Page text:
The Rape of the Daughters of Leucippus was completed by Peter Paul Rubens in 1618 and contains his charachteristic mix of symbolism and activity across a vibrant canvas
The influence of Greek and Roman mythology is strong through much of Rubens' career, and The Rape of the Daughters of Leucippus is a fine example of that. Within this painting you will find Castor and Pollux abducting Phoebe and Hilaeira who were the daughters of King Leucippus of Argos. His third offspring, Arsinoe, is not seen in this artwork.
Leucippus was a Messenian prince whose story is from Greek mythology, as the recipient of his father's wealth and influence. The misery of his daughters seen in this painting was earlier used as inspiration for carving work on a sarcophagus in the second century.
Rubens was one of the finest ever portrait artists, with signficant skills in lighting and figurative anatomy. These are displayed at their most raw within his drawings which were key to him mastering these techniques.
The travels of artist Rubens during his life is one of the reasons for why his original artworks are spread so widely across the European continent. There was less fluidity of art between nations then as there is now, so paintings many of his paintings produced in Spain, for example, remain their today.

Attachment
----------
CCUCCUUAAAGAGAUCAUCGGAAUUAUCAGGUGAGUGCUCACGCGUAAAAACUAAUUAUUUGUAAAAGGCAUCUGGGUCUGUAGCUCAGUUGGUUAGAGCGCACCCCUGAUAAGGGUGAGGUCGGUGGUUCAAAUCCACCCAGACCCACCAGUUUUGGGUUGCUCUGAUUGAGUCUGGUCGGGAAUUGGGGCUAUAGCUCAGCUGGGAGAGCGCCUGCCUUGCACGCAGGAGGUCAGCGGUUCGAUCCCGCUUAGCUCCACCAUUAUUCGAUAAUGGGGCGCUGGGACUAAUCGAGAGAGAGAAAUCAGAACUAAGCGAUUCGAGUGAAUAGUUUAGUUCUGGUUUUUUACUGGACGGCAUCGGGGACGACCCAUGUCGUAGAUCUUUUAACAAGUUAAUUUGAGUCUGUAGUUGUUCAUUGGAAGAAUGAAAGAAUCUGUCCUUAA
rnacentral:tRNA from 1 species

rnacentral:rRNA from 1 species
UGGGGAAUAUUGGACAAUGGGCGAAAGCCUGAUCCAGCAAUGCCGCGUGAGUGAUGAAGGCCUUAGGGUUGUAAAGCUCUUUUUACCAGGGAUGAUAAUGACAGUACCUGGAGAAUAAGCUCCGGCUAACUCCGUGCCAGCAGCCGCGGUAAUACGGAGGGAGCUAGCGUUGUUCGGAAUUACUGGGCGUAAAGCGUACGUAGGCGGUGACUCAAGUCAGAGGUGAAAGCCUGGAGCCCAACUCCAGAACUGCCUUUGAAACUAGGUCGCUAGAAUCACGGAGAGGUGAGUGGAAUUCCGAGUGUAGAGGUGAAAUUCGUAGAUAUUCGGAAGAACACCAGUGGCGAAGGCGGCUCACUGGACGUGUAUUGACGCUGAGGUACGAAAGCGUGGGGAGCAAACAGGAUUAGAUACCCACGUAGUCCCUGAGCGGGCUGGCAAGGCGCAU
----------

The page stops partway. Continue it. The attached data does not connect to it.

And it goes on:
The story behind this painting is that twin brothers Lynceus and Idas of Thebes, sons of Tyndareus's brother Aphareus, were arranged to marry the two daughters, frustrating Castor and Pollux who wanted them for themselves. This forced their hand and led to this aggressive scene of abduction.
Tom Gurney in an art history expert. He received a BSc (Hons) degree from Salford University, UK, and has also studied famous artists and art movements for over 20 years. Tom has also published a number of books related to art history and continues to contribute to a number of different art websites. You can read more on Tom Gurney here.